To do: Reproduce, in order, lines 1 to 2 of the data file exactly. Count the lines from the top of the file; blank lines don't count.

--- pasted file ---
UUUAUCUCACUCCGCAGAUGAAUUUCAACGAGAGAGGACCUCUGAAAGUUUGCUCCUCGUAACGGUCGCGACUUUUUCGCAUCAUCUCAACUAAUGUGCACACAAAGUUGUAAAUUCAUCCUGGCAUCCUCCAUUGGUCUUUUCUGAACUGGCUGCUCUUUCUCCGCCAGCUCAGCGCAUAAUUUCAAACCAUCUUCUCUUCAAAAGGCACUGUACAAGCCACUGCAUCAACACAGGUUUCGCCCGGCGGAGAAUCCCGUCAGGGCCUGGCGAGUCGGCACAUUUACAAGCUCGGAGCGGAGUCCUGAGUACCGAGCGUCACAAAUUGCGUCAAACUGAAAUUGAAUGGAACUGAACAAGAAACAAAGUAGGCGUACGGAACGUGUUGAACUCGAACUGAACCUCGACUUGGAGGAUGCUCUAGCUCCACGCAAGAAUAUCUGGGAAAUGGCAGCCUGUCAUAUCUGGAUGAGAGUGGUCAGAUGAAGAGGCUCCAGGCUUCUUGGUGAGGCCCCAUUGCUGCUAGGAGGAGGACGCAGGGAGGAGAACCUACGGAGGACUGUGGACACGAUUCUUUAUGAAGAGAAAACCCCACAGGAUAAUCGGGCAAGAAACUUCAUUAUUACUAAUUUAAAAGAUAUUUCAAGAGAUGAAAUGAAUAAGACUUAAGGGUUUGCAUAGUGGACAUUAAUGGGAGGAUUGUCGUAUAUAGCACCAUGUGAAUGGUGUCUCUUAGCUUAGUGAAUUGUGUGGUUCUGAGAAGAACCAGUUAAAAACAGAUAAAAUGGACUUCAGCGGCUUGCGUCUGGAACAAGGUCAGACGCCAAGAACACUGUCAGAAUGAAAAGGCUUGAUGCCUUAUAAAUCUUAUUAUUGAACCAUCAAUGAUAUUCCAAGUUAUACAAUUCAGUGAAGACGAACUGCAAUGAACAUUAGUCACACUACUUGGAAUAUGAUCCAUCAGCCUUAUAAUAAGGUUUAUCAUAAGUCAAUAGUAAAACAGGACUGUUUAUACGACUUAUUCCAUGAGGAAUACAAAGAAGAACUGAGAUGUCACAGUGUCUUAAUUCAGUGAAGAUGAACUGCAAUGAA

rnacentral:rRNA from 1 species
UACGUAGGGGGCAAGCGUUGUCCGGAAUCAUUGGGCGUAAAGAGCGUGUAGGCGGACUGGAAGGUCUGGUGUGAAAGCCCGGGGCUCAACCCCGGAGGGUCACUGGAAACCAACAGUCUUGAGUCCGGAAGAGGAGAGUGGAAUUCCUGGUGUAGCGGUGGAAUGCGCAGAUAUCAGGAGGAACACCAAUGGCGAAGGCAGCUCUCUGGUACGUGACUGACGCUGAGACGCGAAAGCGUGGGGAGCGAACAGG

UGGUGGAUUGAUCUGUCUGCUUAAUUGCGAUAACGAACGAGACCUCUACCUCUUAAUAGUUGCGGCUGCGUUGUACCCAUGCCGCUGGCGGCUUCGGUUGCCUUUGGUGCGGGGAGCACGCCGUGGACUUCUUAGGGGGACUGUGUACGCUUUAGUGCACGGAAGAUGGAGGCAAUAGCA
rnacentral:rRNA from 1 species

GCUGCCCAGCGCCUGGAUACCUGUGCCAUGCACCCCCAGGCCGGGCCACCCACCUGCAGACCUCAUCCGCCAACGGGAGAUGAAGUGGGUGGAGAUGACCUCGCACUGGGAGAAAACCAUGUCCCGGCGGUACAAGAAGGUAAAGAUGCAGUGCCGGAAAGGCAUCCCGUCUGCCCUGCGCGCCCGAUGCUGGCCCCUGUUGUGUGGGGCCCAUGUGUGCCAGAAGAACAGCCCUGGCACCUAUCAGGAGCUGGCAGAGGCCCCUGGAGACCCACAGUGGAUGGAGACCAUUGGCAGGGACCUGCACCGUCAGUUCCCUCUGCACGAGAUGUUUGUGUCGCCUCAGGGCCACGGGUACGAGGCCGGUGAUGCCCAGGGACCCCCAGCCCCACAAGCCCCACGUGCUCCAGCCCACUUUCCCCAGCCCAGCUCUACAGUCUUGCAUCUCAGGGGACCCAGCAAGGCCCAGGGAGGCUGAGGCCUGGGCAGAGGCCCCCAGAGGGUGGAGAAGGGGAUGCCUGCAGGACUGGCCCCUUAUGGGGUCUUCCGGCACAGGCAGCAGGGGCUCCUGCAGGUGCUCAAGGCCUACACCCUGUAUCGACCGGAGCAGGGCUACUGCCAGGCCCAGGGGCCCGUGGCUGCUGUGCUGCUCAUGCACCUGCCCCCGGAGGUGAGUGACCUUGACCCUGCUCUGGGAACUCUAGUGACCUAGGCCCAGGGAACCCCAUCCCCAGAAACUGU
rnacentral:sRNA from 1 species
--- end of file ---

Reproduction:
UUUAUCUCACUCCGCAGAUGAAUUUCAACGAGAGAGGACCUCUGAAAGUUUGCUCCUCGUAACGGUCGCGACUUUUUCGCAUCAUCUCAACUAAUGUGCACACAAAGUUGUAAAUUCAUCCUGGCAUCCUCCAUUGGUCUUUUCUGAACUGGCUGCUCUUUCUCCGCCAGCUCAGCGCAUAAUUUCAAACCAUCUUCUCUUCAAAAGGCACUGUACAAGCCACUGCAUCAACACAGGUUUCGCCCGGCGGAGAAUCCCGUCAGGGCCUGGCGAGUCGGCACAUUUACAAGCUCGGAGCGGAGUCCUGAGUACCGAGCGUCACAAAUUGCGUCAAACUGAAAUUGAAUGGAACUGAACAAGAAACAAAGUAGGCGUACGGAACGUGUUGAACUCGAACUGAACCUCGACUUGGAGGAUGCUCUAGCUCCACGCAAGAAUAUCUGGGAAAUGGCAGCCUGUCAUAUCUGGAUGAGAGUGGUCAGAUGAAGAGGCUCCAGGCUUCUUGGUGAGGCCCCAUUGCUGCUAGGAGGAGGACGCAGGGAGGAGAACCUACGGAGGACUGUGGACACGAUUCUUUAUGAAGAGAAAACCCCACAGGAUAAUCGGGCAAGAAACUUCAUUAUUACUAAUUUAAAAGAUAUUUCAAGAGAUGAAAUGAAUAAGACUUAAGGGUUUGCAUAGUGGACAUUAAUGGGAGGAUUGUCGUAUAUAGCACCAUGUGAAUGGUGUCUCUUAGCUUAGUGAAUUGUGUGGUUCUGAGAAGAACCAGUUAAAAACAGAUAAAAUGGACUUCAGCGGCUUGCGUCUGGAACAAGGUCAGACGCCAAGAACACUGUCAGAAUGAAAAGGCUUGAUGCCUUAUAAAUCUUAUUAUUGAACCAUCAAUGAUAUUCCAAGUUAUACAAUUCAGUGAAGACGAACUGCAAUGAACAUUAGUCACACUACUUGGAAUAUGAUCCAUCAGCCUUAUAAUAAGGUUUAUCAUAAGUCAAUAGUAAAACAGGACUGUUUAUACGACUUAUUCCAUGAGGAAUACAAAGAAGAACUGAGAUGUCACAGUGUCUUAAUUCAGUGAAGAUGAACUGCAAUGAA

rnacentral:rRNA from 1 species